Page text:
The Department of Agriculture-Bureau of Fisheries and Aquatic Resources (DA-BFAR) reassured the public of sufficient fish supply and stable fish prices for the rest of the Holy Week despite increased demand.
Citing the agency’s latest monitoring report, DA-BFAR spokesperson Nazario C. Briguera on Wednesday, April 5, said marine commodities such as galunggong, bangus, and tilapia remain abundant in retail and wholesale markets in Metro Manila.
“Walang dapat ipag-alala ang ating mga kababayan na mangingilin at hindi kakain ng karne ngayong Semana Santa dahil sapat po ang suplay ng isda sa ating fish ports at mga palengke (Our countrymen who will abstain from eating meat this Holy Week have nothing to worry about because of sufficient fish supply in our ports and markets),” he said, allaying fears of
a supply shortage following the oil spill in Oriental Mindoro.
A predominantly Catholic nation, the Philippines will observe this year’s Holy Week from April 2 to 9, when most Filipinos abstain from eating meat and opt for seafood.
Data from the Philippine Statistics Authority showed that fish production in Oriental Mindoro in 2022 was estimated at 3,119 metric tons (MT), which accounted for some 0.07% of the country’s overall fish production of 4.33 million MT that year.
Briguera stressed that while the DA-BFAR is not downplaying the impact of the unprecedented oil spill in the country’s marine resources, the Bureau remains confident that other fishing grounds will continue to meet the public demand.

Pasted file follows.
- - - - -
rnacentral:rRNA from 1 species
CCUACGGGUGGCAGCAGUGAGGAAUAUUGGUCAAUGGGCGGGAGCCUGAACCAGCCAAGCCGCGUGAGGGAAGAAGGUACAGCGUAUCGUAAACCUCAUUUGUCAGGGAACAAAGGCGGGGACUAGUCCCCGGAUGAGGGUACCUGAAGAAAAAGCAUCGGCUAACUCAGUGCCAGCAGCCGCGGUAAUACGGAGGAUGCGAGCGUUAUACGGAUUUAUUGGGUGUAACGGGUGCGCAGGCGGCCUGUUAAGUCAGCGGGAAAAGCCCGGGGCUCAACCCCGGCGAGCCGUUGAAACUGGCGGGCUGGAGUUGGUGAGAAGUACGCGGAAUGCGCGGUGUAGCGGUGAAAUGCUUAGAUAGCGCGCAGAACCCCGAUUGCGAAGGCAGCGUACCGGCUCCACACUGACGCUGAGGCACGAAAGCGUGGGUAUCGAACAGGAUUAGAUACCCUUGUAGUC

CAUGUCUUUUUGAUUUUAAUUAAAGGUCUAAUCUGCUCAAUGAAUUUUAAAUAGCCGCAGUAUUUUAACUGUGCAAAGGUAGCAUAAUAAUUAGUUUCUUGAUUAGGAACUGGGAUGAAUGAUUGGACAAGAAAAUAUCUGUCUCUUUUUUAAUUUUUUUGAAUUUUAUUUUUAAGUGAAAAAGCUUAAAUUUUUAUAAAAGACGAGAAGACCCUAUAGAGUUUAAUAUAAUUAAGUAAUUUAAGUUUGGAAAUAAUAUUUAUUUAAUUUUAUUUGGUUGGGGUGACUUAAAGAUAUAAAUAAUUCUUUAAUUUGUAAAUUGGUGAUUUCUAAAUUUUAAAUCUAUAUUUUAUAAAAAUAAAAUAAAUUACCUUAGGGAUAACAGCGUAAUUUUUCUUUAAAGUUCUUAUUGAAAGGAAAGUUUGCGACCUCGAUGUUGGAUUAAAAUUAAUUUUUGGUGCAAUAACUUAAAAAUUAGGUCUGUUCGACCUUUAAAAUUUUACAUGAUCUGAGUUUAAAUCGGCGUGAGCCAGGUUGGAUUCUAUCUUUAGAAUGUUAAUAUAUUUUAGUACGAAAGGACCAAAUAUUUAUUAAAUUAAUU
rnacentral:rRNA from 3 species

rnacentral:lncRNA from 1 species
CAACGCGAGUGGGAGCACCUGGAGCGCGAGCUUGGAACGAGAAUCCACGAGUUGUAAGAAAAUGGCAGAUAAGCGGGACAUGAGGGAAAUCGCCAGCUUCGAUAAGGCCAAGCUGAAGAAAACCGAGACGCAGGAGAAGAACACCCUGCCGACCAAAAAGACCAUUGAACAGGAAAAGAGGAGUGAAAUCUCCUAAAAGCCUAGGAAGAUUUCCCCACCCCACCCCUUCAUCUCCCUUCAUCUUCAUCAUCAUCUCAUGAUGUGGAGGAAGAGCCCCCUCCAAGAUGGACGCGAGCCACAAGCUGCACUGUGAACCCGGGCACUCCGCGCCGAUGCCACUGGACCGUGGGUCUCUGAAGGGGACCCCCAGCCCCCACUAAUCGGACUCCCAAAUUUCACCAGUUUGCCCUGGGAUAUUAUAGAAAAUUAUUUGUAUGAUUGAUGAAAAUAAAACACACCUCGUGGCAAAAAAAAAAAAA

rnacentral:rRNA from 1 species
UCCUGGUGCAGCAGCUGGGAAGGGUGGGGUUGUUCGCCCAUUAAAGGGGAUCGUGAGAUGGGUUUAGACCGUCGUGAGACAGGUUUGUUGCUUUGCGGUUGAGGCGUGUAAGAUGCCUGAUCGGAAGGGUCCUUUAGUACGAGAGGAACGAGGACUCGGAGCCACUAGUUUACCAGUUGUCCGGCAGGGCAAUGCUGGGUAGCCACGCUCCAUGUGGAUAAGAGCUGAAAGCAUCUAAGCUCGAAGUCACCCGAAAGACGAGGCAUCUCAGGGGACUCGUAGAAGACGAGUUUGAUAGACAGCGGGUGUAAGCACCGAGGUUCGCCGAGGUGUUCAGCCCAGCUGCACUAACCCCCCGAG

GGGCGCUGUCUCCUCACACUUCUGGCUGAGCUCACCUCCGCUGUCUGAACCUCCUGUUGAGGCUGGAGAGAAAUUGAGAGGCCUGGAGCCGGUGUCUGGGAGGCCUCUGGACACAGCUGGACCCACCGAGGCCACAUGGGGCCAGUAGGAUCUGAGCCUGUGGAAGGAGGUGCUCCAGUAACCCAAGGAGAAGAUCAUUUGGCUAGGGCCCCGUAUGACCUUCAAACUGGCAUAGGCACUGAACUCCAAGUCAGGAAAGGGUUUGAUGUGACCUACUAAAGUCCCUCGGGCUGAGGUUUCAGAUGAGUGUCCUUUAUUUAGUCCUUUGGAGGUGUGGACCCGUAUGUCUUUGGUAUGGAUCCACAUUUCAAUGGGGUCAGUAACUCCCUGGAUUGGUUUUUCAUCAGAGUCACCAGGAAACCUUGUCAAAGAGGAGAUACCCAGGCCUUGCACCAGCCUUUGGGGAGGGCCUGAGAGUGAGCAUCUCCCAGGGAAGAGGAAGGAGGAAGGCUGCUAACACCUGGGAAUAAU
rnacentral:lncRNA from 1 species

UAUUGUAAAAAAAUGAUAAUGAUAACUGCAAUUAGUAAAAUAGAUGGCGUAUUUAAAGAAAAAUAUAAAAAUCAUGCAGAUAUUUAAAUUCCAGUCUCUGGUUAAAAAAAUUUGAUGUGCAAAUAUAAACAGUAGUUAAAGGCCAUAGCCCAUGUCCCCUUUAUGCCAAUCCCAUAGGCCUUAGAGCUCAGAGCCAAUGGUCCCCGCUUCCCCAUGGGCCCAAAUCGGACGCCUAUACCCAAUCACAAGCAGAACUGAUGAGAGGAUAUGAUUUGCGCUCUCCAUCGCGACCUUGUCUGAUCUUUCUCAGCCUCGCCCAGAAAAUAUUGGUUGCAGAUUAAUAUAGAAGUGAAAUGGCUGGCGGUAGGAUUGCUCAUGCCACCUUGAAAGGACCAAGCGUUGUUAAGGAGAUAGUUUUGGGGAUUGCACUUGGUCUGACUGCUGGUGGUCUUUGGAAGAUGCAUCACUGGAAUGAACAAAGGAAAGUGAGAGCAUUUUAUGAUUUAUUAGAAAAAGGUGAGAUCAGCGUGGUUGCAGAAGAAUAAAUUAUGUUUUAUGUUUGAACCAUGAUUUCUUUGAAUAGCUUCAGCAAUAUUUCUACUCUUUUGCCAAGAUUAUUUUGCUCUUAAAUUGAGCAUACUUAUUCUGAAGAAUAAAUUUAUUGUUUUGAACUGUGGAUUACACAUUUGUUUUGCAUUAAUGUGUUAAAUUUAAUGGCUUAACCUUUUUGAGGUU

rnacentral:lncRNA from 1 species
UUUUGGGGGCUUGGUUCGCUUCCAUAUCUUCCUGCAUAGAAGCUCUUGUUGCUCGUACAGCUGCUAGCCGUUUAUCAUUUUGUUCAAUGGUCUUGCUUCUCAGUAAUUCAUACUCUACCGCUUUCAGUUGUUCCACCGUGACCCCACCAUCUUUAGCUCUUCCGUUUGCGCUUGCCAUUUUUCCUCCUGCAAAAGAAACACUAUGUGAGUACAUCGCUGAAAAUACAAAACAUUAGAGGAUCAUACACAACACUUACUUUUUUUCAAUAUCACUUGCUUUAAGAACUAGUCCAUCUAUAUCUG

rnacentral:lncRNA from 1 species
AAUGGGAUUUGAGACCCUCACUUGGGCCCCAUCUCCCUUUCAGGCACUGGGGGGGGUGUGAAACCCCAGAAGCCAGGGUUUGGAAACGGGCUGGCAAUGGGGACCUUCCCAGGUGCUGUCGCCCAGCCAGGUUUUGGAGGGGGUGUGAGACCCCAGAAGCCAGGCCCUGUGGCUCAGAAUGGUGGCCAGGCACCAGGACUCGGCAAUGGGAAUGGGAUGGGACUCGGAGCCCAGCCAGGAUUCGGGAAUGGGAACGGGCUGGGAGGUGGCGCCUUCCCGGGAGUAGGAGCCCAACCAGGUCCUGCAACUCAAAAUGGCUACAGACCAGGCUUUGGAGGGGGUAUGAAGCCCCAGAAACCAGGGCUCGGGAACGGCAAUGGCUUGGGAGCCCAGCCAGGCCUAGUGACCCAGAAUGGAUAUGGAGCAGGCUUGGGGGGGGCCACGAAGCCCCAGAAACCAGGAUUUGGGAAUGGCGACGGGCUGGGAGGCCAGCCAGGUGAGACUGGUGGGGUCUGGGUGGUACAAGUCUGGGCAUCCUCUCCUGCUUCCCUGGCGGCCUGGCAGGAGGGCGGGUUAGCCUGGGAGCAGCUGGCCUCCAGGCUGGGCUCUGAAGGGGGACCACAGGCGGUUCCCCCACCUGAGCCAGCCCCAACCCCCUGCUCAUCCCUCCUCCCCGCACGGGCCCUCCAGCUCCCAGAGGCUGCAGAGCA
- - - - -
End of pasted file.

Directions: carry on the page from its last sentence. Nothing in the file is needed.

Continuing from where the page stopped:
“We neither expect a shortage nor a sudden jump in prices of fish on a national scale. Relief and livelihood assistance and various government interventions have been in place to contain the situation in Oriental Mindoro. Kami man sa DA-BFAR ay naglunsad ng mga programa para matugunan ang pangangailangan ng mga mangingisdang apektado ng oil spill doon (The DA-BFAR launched various programs to address the needs of fisherfolk affected by the oil spill),” he said.
Based on the latest price monitoring of the DA-BFAR, fish prices range from Php120 to Php240 per kilo.
Local-fresh galunggong are priced at Php140 and Php240 per kilo in wholesale and retail
markets, respectively. Imported-frozen galunggong costs around Php130 per kilo.
Bangus prices range from Php130 to Php160 per kilo, while tilapia are priced at Php120 to Php150.
Price change might be influenced by the source area of the commodity, according to the
DA-BFAR. “Patuloy po tayong gumagawa ng mga hakbang upang masiguro ang fish sufficiency sa
ating bansa. Hangad po namin ang mataimtim at payapang Semana Santa para sa ating lahat ngayong taon (The DA-BFAR has been taking measures to ensure fish sufficiency in our country. We are hoping for a solemn and peaceful Holy Week this year),” Briguera said.